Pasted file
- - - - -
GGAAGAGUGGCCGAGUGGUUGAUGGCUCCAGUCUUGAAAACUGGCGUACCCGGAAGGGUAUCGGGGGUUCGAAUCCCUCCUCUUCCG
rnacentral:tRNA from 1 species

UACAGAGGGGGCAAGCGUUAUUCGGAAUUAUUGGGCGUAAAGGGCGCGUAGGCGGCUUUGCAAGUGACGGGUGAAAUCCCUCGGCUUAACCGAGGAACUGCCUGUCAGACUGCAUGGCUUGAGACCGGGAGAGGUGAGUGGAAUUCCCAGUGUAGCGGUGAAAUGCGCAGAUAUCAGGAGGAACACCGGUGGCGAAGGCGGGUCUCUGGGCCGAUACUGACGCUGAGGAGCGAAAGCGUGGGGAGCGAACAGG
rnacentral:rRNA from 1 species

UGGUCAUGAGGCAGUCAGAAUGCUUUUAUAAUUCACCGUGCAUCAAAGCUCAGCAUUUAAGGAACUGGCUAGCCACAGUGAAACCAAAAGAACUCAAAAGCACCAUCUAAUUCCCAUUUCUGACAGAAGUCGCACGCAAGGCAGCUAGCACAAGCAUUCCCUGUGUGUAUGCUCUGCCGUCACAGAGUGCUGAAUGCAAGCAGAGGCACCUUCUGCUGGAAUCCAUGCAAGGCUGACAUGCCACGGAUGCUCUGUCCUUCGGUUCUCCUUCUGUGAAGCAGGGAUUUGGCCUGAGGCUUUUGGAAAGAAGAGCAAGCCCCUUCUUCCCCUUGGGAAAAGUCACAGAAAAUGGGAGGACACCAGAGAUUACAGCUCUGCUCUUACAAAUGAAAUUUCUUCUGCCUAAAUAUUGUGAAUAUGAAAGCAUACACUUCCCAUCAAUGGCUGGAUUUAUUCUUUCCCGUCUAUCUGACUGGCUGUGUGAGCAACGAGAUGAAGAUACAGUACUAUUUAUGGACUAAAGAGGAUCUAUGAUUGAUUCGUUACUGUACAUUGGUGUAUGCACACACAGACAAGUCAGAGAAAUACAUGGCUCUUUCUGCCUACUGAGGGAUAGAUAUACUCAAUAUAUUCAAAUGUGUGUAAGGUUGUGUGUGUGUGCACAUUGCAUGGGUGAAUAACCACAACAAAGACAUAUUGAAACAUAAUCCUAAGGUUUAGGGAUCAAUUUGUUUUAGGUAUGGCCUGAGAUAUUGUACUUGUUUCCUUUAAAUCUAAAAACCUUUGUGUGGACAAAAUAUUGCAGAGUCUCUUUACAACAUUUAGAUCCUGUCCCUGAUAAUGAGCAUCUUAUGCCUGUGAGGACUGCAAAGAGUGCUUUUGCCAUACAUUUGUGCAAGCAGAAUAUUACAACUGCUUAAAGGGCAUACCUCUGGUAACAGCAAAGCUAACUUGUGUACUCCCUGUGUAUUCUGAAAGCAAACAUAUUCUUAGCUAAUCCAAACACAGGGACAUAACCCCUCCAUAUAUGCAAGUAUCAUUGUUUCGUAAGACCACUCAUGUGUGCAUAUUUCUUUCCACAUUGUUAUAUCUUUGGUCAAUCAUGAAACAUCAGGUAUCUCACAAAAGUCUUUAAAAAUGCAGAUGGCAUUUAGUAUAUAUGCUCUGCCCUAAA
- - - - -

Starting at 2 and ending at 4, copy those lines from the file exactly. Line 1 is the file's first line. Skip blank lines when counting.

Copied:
rnacentral:tRNA from 1 species

UACAGAGGGGGCAAGCGUUAUUCGGAAUUAUUGGGCGUAAAGGGCGCGUAGGCGGCUUUGCAAGUGACGGGUGAAAUCCCUCGGCUUAACCGAGGAACUGCCUGUCAGACUGCAUGGCUUGAGACCGGGAGAGGUGAGUGGAAUUCCCAGUGUAGCGGUGAAAUGCGCAGAUAUCAGGAGGAACACCGGUGGCGAAGGCGGGUCUCUGGGCCGAUACUGACGCUGAGGAGCGAAAGCGUGGGGAGCGAACAGG
rnacentral:rRNA from 1 species